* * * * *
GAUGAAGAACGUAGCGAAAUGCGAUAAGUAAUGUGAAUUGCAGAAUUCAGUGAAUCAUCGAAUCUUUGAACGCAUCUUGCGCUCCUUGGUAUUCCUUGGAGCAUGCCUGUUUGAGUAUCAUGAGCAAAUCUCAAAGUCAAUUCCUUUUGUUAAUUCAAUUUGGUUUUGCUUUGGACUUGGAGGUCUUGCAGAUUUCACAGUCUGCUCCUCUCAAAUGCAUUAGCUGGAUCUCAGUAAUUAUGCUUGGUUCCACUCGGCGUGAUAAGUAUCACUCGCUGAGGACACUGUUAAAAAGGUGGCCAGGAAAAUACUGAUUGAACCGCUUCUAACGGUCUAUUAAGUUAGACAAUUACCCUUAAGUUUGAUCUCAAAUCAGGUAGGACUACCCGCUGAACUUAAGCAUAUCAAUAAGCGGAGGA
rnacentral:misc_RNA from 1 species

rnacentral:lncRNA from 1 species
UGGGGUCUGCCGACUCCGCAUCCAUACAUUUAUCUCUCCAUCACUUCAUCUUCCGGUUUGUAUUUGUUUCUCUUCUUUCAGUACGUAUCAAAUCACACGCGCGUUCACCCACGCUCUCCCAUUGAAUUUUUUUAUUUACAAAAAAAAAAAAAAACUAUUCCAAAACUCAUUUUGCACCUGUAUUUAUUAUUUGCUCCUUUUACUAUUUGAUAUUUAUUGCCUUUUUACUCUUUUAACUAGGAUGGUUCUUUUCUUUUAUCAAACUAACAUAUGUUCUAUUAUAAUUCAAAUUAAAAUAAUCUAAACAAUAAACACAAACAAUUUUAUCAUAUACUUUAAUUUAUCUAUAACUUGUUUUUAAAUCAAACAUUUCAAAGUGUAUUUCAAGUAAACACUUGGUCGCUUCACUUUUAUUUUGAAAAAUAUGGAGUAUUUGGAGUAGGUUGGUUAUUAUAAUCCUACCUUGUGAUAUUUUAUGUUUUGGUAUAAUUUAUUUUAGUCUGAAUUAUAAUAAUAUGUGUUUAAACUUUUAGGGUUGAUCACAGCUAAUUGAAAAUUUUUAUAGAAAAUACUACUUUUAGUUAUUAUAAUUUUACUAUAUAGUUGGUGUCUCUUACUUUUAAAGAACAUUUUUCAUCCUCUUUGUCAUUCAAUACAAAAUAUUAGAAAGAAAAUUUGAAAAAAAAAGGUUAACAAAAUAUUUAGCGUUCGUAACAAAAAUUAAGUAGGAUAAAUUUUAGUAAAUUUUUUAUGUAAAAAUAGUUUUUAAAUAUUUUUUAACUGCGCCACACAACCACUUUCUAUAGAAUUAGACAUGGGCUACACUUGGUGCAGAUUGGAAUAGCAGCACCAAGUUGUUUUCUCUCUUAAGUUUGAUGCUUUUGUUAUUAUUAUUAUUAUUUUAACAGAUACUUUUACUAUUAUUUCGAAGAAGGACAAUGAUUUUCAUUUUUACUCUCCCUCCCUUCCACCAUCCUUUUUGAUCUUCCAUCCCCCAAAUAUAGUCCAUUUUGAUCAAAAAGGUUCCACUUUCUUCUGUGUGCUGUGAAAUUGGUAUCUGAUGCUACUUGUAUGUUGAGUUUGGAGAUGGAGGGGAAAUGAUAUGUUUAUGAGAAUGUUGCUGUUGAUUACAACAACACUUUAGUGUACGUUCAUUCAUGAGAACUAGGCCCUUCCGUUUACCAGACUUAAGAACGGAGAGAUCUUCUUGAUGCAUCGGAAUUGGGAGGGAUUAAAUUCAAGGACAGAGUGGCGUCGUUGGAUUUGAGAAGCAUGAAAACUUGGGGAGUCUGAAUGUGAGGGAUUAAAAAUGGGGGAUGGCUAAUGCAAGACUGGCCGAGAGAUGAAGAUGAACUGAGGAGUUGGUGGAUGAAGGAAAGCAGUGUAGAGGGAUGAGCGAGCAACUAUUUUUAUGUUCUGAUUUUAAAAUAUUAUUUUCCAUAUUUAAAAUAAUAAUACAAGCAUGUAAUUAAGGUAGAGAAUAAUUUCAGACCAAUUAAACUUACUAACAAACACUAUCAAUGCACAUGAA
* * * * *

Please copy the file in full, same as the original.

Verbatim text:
GAUGAAGAACGUAGCGAAAUGCGAUAAGUAAUGUGAAUUGCAGAAUUCAGUGAAUCAUCGAAUCUUUGAACGCAUCUUGCGCUCCUUGGUAUUCCUUGGAGCAUGCCUGUUUGAGUAUCAUGAGCAAAUCUCAAAGUCAAUUCCUUUUGUUAAUUCAAUUUGGUUUUGCUUUGGACUUGGAGGUCUUGCAGAUUUCACAGUCUGCUCCUCUCAAAUGCAUUAGCUGGAUCUCAGUAAUUAUGCUUGGUUCCACUCGGCGUGAUAAGUAUCACUCGCUGAGGACACUGUUAAAAAGGUGGCCAGGAAAAUACUGAUUGAACCGCUUCUAACGGUCUAUUAAGUUAGACAAUUACCCUUAAGUUUGAUCUCAAAUCAGGUAGGACUACCCGCUGAACUUAAGCAUAUCAAUAAGCGGAGGA
rnacentral:misc_RNA from 1 species

rnacentral:lncRNA from 1 species
UGGGGUCUGCCGACUCCGCAUCCAUACAUUUAUCUCUCCAUCACUUCAUCUUCCGGUUUGUAUUUGUUUCUCUUCUUUCAGUACGUAUCAAAUCACACGCGCGUUCACCCACGCUCUCCCAUUGAAUUUUUUUAUUUACAAAAAAAAAAAAAAACUAUUCCAAAACUCAUUUUGCACCUGUAUUUAUUAUUUGCUCCUUUUACUAUUUGAUAUUUAUUGCCUUUUUACUCUUUUAACUAGGAUGGUUCUUUUCUUUUAUCAAACUAACAUAUGUUCUAUUAUAAUUCAAAUUAAAAUAAUCUAAACAAUAAACACAAACAAUUUUAUCAUAUACUUUAAUUUAUCUAUAACUUGUUUUUAAAUCAAACAUUUCAAAGUGUAUUUCAAGUAAACACUUGGUCGCUUCACUUUUAUUUUGAAAAAUAUGGAGUAUUUGGAGUAGGUUGGUUAUUAUAAUCCUACCUUGUGAUAUUUUAUGUUUUGGUAUAAUUUAUUUUAGUCUGAAUUAUAAUAAUAUGUGUUUAAACUUUUAGGGUUGAUCACAGCUAAUUGAAAAUUUUUAUAGAAAAUACUACUUUUAGUUAUUAUAAUUUUACUAUAUAGUUGGUGUCUCUUACUUUUAAAGAACAUUUUUCAUCCUCUUUGUCAUUCAAUACAAAAUAUUAGAAAGAAAAUUUGAAAAAAAAAGGUUAACAAAAUAUUUAGCGUUCGUAACAAAAAUUAAGUAGGAUAAAUUUUAGUAAAUUUUUUAUGUAAAAAUAGUUUUUAAAUAUUUUUUAACUGCGCCACACAACCACUUUCUAUAGAAUUAGACAUGGGCUACACUUGGUGCAGAUUGGAAUAGCAGCACCAAGUUGUUUUCUCUCUUAAGUUUGAUGCUUUUGUUAUUAUUAUUAUUAUUUUAACAGAUACUUUUACUAUUAUUUCGAAGAAGGACAAUGAUUUUCAUUUUUACUCUCCCUCCCUUCCACCAUCCUUUUUGAUCUUCCAUCCCCCAAAUAUAGUCCAUUUUGAUCAAAAAGGUUCCACUUUCUUCUGUGUGCUGUGAAAUUGGUAUCUGAUGCUACUUGUAUGUUGAGUUUGGAGAUGGAGGGGAAAUGAUAUGUUUAUGAGAAUGUUGCUGUUGAUUACAACAACACUUUAGUGUACGUUCAUUCAUGAGAACUAGGCCCUUCCGUUUACCAGACUUAAGAACGGAGAGAUCUUCUUGAUGCAUCGGAAUUGGGAGGGAUUAAAUUCAAGGACAGAGUGGCGUCGUUGGAUUUGAGAAGCAUGAAAACUUGGGGAGUCUGAAUGUGAGGGAUUAAAAAUGGGGGAUGGCUAAUGCAAGACUGGCCGAGAGAUGAAGAUGAACUGAGGAGUUGGUGGAUGAAGGAAAGCAGUGUAGAGGGAUGAGCGAGCAACUAUUUUUAUGUUCUGAUUUUAAAAUAUUAUUUUCCAUAUUUAAAAUAAUAAUACAAGCAUGUAAUUAAGGUAGAGAAUAAUUUCAGACCAAUUAAACUUACUAACAAACACUAUCAAUGCACAUGAA